Reporter Audrey Ames is driving along a highway in Illinois when she is stopped by the military. She then finds out that a small town was destroyed and everyone has seemingly disappeared. She then goes to a lab run by the Department of Agriculture. While she is there she meets the lab's director, Dr. Ed Wainwright. Ed then tells her that strange things have been happening ever since he discovered that a bunch of grasshoppers managed to get into a silo containing a batch of radioactive wheat. They soon discover that the grasshoppers have grown to monstrous proportions and not only are devouring the local vegetation, but have developed a taste for human flesh as well. Now the locusts are marching towards Chicago and the military is threatening to destroy the city with the atom bomb. Can another solution to stop the monsters be found before it is too late?
Peter Graves ... Dr. Ed Wainwright
Peggie Castle ... Audrey Aimes
Morris Ankrum ... Gen. John Hanson
Than Wyenn ... Frank Johnson
Thomas Browne Henry ... Col. Tom Sturgeon
Richard Benedict ... Cpl. Mathias
James Seay ... Capt. James Barton
John Close ... Maj. Everett
Don C. Harvey ... Guard at lab
Larry J. Blake ... Patrolman
Eilene Janssen ... Teenager necking in car
This is one of the most enjoyable of the 1950s "big bug" movies. Filmed in 1957, in the middle of my favorite sci-fi era, this film enjoys a better than average cast than you would expect for B science fiction.
People begin to disappear in the surrounding communities outside Chicago. Photographer/journalist Audrey Aimes, portrayed by the lovely Peggy Castle, stops to visit Dr. Wainwright, the Dept. of Agriculture scientist who has used radiation on his plants to make them larger, only to discover that grasshoppers have feasted on them, thus making an army of giant sized locusts. This sounds pretty lame by today's standards but this was standard fare for 1950s science fiction, in the days when we were scared to death of having a nuclear weapon dropped on us and being taken over "from within."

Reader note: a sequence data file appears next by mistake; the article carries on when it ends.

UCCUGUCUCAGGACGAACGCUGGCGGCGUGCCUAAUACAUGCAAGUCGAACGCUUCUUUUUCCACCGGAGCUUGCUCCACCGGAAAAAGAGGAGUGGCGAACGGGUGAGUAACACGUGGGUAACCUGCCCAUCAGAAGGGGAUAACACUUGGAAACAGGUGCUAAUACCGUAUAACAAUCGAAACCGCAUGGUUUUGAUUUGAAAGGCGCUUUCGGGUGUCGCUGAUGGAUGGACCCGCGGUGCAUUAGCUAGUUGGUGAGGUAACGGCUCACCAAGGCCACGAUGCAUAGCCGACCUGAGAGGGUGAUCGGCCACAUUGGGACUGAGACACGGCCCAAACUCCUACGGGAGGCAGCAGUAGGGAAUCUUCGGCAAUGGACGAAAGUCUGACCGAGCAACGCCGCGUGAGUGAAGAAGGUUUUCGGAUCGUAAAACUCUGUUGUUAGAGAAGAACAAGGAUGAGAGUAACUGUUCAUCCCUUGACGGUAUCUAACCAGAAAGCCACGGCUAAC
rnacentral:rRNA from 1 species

After the discovery of what has happened and why, the rest of the story deals with what to do before the grasshoppers destroy Chicago. Fortunately for all, this did not happen. I won't give the ending away be will provide a hint: View 1963's Day of the Triffids.
Reviewers have not been kind to this film and perhaps rightfully so. However, within the context of the preposterous story and extremely limited budget, its not so bad. Beginning of the End starred Peter Graves, a sci-fi regular of that time in his pre-Mission: Impossible days and whose brother, James Arness, was riding high as Marshall Dillon in television's Gunsmoke. (You may recall that Arness starred in 1954's Them!, about huge ants terrorizing Los Angeles. This was the film that started the big bug craze). Peggy Castle was cool and calm as the female lead and was a forerunner of sorts to today's' strong woman in action films. And, this was yet another film of many whereas Morris Ankrum played a military general.
Special effects were not too good even for that era and are downright atrocious by the standards of today. We see grasshoppers walking upon photos of various places in Chicago and the super imposed shots are of very poor quality. The storyline stretches even the keenest imagination, as we are led to believe that Chicago can be 100% evacuated within 24 hours, and this with thousands of homeless refugees from the outlying communities camping out in the inner city!